These wonderfully nasty poems by Dr. Heinrich Hoffmann are about all those naughty children who DON'T deserve any presents this Christmas.
Warning: These poems are NASTY by modern standards.
Just look at him! there he stands,
With his nasty hair and hands.
See! his nails are never cut;
They are grimed as black as soot;
And the sloven, I declare,
Never once has combed his hair;
Anything to me is sweeter
Than to see Shock-headed Peter.
We've chosen four from the collection of little horrors - Shock-Headed Peter, Cruel Frederick, Dreadful Harriet, and Flying Robert.
Struwwelpeter first appeared in English in 1848, three years after the German original, but who translated it is unknown.
Here is cruel Frederick, see!
A horrid wicked boy was he;
He caught the flies, poor little things,
And then tore off their tiny wings,
He killed the birds, and broke the chairs,
And threw the kitten down the stairs;
And oh! far worse than all beside,
He whipped his Mary, till she cried.
The trough was full, and faithful Tray
Came out to drink one sultry day;
He wagged his tail, and wet his lip,
When cruel Fred snatched up a whip,
And whipped poor Tray till he was sore,
And kicked and whipped him more and more:
At this, good Tray grew very red,
And growled, and bit him till he bled;
Then you should only have been by,
To see how Fred did scream and cry!
So Frederick had to go to bed:
His leg was very sore and red!
The Doctor came, and shook his head,
And made a very great to-do,
And gave him nasty physic too.
The Dreadful Story of Harriet and the Matches
It almost makes me cry to tell
What foolish Harriet befell.
Mamma and Nurse went out one day
And left her all alone at play.
Now, on the table close at hand,
A box of matches chanced to stand;
And kind Mamma and Nurse had told her,
That, if she touched them, they would scold her.
But Harriet said: "Oh, what a pity!
For, when they burn, it is so pretty;
They crackle so, and spit, and flame:
Mamma, too, often does the same."
The pussy-cats heard this,
And they began to hiss,
And stretch their claws,
And raise their paws;
"Me-ow," they said, "me-ow, me-o,
You'll burn to death, if you do so."
But Harriet would not take advice:
She lit a match, it was so nice!
It crackled so, it burned so clear—
Exactly like the picture here.
She jumped for joy and ran about
And was too pleased to put it out.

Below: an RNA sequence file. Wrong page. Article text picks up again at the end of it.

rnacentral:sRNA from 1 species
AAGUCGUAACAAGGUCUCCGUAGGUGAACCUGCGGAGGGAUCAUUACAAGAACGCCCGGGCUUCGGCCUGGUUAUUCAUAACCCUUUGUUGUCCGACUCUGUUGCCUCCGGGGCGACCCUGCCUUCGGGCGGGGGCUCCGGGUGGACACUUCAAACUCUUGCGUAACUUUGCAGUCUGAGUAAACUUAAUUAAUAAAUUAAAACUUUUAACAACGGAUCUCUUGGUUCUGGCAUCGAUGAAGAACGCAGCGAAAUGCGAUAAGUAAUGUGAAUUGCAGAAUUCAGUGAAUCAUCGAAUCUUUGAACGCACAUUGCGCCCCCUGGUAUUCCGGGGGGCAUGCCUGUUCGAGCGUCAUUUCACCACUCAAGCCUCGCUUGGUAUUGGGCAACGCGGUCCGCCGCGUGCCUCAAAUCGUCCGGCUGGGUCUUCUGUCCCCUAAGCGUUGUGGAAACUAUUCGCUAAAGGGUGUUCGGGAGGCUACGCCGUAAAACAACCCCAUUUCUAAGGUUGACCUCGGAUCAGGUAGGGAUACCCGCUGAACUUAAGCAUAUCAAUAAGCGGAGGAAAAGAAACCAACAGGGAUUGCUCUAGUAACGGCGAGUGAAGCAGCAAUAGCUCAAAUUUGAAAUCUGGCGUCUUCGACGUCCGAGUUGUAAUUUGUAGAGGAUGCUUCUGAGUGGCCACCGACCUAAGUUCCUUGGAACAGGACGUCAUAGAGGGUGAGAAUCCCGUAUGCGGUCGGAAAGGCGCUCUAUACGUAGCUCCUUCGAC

The Pussy-cats saw this
And said: "Oh, naughty, naughty Miss!"
And stretched their claws,
And raised their paws:
"'Tis very, very wrong, you know,
Me-ow, me-o, me-ow, me-o,
You will be burnt, if you do so."
And see! oh, what dreadful thing!
The fire has caught her apron-string;
Her apron burns, her arms, her hair—
She burns all over everywhere.
Then how the pussy-cats did mew—
What else, poor pussies, could they do?
They screamed for help, 'twas all in vain!
So then they said: "We'll scream again;
Make haste, make haste, me-ow, me-o,
She'll burn to death; we told her so."
So she was burnt, with all her clothes,
And arms, and hands, and eyes, and nose;
Till she had nothing more to lose
Except her little scarlet shoes;
And nothing else but these was found
Among her ashes on the ground.
And when the good cats sat beside
The smoking ashes, how they cried!
"Me-ow, me-oo, me-ow, me-oo,
What will Mamma and Nursey do?"
Their tears ran down their cheeks so fast,
They made a little pond at last.
When the rain comes tumbling down
In the country or the town,
All good little girls and boys
Stay at home and mind their toys.
Robert thought, "No, when it pours,
It is better out of doors."
Rain it did, and in a minute
Bob was in it.
Here you see him, silly fellow,
Underneath his red umbrella.
What a wind! oh! how it whistles
Through the trees and flowers and thistles!
It has caught his red umbrella:
Now look at him, silly fellow—
Up he flies
To the skies.
No one heard his screams and cries;
Through the clouds the rude wind bore him,
And his hat flew on before him. And his hat flew on before him.
Bob was never seen again!
Soon they got to such a height,
They were nearly out of sight.
And the hat went up so high,
That it nearly touched the sky.
No one ever yet could tell
Where they stopped, or where they fell:
Only this one thing is plain,
Bob was never seen again!